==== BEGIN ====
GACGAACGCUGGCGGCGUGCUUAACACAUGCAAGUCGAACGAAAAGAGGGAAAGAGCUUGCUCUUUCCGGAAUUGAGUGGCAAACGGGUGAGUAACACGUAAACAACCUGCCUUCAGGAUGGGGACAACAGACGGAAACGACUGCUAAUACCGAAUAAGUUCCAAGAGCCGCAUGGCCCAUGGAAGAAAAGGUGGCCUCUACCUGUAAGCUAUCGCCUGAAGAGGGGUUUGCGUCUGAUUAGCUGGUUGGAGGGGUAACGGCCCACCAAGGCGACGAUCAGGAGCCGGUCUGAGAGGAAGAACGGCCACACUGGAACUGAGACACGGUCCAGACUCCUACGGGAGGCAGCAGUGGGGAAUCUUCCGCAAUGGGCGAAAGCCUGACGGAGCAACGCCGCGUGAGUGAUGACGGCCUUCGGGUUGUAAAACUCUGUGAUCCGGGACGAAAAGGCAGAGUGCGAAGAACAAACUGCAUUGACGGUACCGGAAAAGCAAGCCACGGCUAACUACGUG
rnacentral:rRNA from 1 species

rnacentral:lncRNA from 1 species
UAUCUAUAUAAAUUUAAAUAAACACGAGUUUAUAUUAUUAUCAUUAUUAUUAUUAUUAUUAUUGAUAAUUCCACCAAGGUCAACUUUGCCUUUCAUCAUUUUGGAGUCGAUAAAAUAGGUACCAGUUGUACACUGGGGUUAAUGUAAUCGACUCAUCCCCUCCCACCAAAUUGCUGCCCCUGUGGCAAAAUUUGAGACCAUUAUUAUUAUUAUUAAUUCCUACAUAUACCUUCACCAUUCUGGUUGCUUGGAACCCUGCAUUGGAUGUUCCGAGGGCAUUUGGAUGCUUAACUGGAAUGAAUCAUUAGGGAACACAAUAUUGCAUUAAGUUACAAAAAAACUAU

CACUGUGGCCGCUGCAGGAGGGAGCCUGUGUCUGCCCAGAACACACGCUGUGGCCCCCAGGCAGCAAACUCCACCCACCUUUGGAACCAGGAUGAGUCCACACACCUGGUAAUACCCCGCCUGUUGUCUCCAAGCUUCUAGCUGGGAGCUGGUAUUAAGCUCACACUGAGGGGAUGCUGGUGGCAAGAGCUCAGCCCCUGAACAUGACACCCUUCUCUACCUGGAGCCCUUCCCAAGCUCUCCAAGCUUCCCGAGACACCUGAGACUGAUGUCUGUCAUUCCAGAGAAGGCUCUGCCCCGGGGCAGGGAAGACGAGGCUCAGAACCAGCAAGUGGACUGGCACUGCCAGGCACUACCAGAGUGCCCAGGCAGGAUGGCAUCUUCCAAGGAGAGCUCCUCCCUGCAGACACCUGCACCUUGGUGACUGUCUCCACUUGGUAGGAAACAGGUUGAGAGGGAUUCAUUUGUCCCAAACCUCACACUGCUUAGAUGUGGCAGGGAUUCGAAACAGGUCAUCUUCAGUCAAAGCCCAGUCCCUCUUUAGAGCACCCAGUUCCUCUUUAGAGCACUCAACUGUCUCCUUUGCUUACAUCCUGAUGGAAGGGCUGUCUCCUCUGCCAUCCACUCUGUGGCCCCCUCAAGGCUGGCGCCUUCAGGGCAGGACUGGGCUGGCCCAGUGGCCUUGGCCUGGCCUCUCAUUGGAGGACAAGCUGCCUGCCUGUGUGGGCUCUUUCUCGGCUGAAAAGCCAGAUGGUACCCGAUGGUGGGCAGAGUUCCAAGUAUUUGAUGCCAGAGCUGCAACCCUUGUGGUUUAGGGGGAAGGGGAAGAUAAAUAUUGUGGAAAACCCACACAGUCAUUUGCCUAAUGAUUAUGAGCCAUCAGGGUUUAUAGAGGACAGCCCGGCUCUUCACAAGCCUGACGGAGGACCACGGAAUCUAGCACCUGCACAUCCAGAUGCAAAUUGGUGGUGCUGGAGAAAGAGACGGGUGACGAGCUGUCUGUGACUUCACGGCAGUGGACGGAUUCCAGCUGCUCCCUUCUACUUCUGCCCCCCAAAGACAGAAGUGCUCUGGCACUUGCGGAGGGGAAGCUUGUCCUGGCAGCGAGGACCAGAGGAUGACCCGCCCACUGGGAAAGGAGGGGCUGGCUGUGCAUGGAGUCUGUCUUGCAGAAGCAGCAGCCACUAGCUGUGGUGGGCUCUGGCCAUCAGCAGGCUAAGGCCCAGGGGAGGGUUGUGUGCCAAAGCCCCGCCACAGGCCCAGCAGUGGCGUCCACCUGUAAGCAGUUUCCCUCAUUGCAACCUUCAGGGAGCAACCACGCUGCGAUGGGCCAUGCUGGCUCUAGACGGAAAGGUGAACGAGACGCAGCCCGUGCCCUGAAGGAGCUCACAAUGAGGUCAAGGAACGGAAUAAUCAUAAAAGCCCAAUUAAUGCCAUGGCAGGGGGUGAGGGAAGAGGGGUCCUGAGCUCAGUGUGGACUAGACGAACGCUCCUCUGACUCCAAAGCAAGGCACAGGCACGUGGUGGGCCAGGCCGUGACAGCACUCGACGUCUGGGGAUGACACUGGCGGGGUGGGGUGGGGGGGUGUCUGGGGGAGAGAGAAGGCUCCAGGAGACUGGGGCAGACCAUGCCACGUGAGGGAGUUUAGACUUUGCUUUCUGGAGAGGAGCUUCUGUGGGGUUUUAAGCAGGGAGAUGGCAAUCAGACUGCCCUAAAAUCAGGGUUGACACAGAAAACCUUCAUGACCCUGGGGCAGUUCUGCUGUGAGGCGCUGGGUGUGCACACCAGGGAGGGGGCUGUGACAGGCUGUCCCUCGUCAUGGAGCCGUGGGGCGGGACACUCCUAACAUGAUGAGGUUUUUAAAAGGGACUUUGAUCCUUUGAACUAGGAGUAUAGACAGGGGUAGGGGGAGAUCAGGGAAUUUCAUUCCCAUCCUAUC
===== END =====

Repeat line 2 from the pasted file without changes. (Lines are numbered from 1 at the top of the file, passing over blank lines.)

rnacentral:rRNA from 1 species